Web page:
At a Glance
Aclima deploys environmental sensor technology, cloud computing, and machine learning to map indoor and localized outdoor air quality. The availability of this data presents opportunities for us to understand and improve, buildings, cities and industry at a smaller cost of the traditional methods.
In-Depth: Mapping Air Pollution
According to a World Health Organization 2016 study, air pollution causes 6.5 million early deaths each year, double the number of people lost to AIDS, tuberculosis, and malaria combined. Unfortunately, air pollution’s most deadly impact is on children. One study conducted by PLOS Medicine found that children exposed to traffic related air pollutants have impaired cognitive development. According to Unicef, It is estimated that 300 million children live in areas with extreme air pollution. American states are required to monitor and control levels of air pollution under the Clean Air Act and the EPA uses monitoring stations across the country to ensure that states are in compliance. Although there are many of these monitoring stations, it is difficult for people to get a sense of their local air quality in their immediate surroundings. It is even more difficult for people to obtain localized carbon emissions data and this is where Aclima steps in.
Aclima, a San Francisco based company, designs and deploys sensor networks that extend the senses and bridge the gap between ourselves and the natural world to solve this issue. Environmental sensors are used to measure and understand air quality in real time. Their network of internet connected sensors generates billions of data points across a range of environmental factors and the goal is to make this data easily accessible for anyone who may need it.
A video by Aclima, explaining their technologies.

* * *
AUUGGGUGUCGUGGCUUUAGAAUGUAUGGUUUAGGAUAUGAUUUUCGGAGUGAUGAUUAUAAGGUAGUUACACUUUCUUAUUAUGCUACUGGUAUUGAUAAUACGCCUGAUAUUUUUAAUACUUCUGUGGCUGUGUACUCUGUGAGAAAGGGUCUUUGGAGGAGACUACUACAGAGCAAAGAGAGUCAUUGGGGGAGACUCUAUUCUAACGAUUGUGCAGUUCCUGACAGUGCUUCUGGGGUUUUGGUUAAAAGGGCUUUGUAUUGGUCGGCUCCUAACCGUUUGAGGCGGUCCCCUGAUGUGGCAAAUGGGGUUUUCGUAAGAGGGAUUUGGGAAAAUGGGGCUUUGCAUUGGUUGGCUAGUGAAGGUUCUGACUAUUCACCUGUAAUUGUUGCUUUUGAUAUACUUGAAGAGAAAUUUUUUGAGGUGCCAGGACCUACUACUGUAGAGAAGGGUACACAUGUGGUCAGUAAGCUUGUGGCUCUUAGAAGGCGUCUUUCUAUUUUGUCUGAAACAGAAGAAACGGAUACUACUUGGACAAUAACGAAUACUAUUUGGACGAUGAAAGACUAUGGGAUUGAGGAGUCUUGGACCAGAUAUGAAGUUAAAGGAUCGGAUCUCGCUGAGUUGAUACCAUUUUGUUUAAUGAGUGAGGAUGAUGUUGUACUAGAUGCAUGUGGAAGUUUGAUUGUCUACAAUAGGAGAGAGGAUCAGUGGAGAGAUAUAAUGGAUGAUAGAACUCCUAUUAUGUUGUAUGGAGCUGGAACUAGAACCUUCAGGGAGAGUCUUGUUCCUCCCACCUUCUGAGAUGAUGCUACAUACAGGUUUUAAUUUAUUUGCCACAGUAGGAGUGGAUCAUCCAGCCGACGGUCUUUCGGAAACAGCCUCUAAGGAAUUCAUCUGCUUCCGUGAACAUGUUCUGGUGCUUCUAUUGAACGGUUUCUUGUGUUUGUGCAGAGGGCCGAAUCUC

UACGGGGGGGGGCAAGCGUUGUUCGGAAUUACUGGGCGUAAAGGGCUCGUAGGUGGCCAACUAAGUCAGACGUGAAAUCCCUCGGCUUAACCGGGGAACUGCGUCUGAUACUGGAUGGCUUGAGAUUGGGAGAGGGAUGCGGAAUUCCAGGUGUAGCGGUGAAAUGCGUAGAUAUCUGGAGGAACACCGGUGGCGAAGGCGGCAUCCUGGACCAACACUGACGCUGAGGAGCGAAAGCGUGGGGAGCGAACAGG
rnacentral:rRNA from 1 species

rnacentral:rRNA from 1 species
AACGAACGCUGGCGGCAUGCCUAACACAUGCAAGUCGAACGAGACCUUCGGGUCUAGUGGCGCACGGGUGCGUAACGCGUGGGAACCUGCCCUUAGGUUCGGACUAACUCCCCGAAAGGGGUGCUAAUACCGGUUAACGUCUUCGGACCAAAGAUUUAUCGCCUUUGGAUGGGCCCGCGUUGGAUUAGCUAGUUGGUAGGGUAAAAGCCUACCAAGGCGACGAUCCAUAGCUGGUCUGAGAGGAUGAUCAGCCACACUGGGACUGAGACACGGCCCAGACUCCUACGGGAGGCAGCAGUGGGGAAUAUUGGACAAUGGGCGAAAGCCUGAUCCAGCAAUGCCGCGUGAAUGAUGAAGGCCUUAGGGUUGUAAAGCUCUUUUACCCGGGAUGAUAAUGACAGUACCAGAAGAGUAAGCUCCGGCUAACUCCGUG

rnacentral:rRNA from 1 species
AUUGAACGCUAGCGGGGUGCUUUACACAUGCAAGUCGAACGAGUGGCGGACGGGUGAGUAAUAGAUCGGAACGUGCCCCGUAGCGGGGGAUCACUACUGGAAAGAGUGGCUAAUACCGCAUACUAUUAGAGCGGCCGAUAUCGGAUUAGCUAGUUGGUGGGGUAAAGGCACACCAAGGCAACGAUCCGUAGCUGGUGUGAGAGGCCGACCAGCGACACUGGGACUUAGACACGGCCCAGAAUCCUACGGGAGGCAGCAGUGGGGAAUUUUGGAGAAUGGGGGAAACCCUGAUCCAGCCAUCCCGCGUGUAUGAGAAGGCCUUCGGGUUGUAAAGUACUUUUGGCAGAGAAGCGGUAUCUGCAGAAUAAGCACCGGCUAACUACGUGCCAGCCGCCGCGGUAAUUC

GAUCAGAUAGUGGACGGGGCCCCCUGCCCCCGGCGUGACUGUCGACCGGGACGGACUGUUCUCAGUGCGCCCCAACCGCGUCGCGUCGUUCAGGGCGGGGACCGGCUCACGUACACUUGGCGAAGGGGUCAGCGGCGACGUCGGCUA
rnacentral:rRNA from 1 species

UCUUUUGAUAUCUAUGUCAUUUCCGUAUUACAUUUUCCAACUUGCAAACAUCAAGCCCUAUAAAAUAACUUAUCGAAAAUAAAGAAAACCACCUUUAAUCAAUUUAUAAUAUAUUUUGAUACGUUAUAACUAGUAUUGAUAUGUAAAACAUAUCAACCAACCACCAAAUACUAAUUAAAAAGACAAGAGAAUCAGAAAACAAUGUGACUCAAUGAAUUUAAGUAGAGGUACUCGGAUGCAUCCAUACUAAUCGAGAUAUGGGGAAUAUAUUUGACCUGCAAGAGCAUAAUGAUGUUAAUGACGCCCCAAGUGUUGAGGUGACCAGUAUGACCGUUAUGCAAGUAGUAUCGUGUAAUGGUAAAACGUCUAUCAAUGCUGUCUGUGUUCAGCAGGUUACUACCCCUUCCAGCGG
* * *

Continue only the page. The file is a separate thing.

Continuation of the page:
In 2011, Aclima partnered with Google to better understand indoor air quality and produce one of the world’s largest indoor environment datasets. This active network spans 21 Google offices around the world and processes 500 million data points daily regarding indoor air quality. In 2014, Aclima took this concept further and partnered with Google Earth Outreach to map outdoor air quality across California cities. Their mobile sensor technology in Google Street View cars is used to map air pollution across entire cities. Once the data is collected, the air quality data is processed, analyzed and aggregated by Aclima’s data platform. This information will be made available on Google Earth Engine (Google Maps’s geospatial analysis platform). The public will then have access to this data to enable individuals and communities to understand and prevent further air pollution.
This image depicts one of Google Street View’s cars with Aclima sensor technology.
The most recent project news comes from Oakland, California, where children younger than five years old are hospitalized for asthma twice as often as any other population in Alameda county. West Oakland is the fifth busiest port in the country with industrial and Superfund sites plaguing the area. Two street view cars covered 14,000 miles while collecting millions of data points about pollutants such as nitric oxide, black carbon and nitrogen dioxide.The study was conducted from May 2015 until May 2016 and found that urban air pollution is extremely variable from block to block. This data set is one of the largest of its kind of single city streets and will help cities adapt to and mitigate air pollution. So far, Aclima has driven more than 80,000 miles in California and they are planning to share data from driving in Los Angeles, San Francisco and the Central Valley.
A video by Aclima explaining the mapping project in Oakland.
The first part of the GIF is showing one pollutant NO2 — the height of the trace increases and the color changes. Yellow indicates higher NO2 concentrations. When we switch views (still in NO2), the GIF shows the time lapse and number of miles accumulated over the study timeline. This emphasizes the sheer magnitude of the number of drives and how it first fills in and then continues as we repeat drives of individual streets as outlined in the paper.
“We have a shared responsibility for our planet. Now more than ever, cities are on the front lines of fighting climate change and air pollution. We need better, more hyperlocal measurements. This type of data can help us understand how the local urban landscape contributes to climate change, and how trees and vegetation can protect us from pollution,” states Melissa Lunden, Aclima’s Chief Scientist. Aclima recently partnered with the EPA to advance small scale sensors to get a better sense of air pollution on a local scale. Their findings will help mitigate climate change and air pollution.
Article written by Danielle Bayer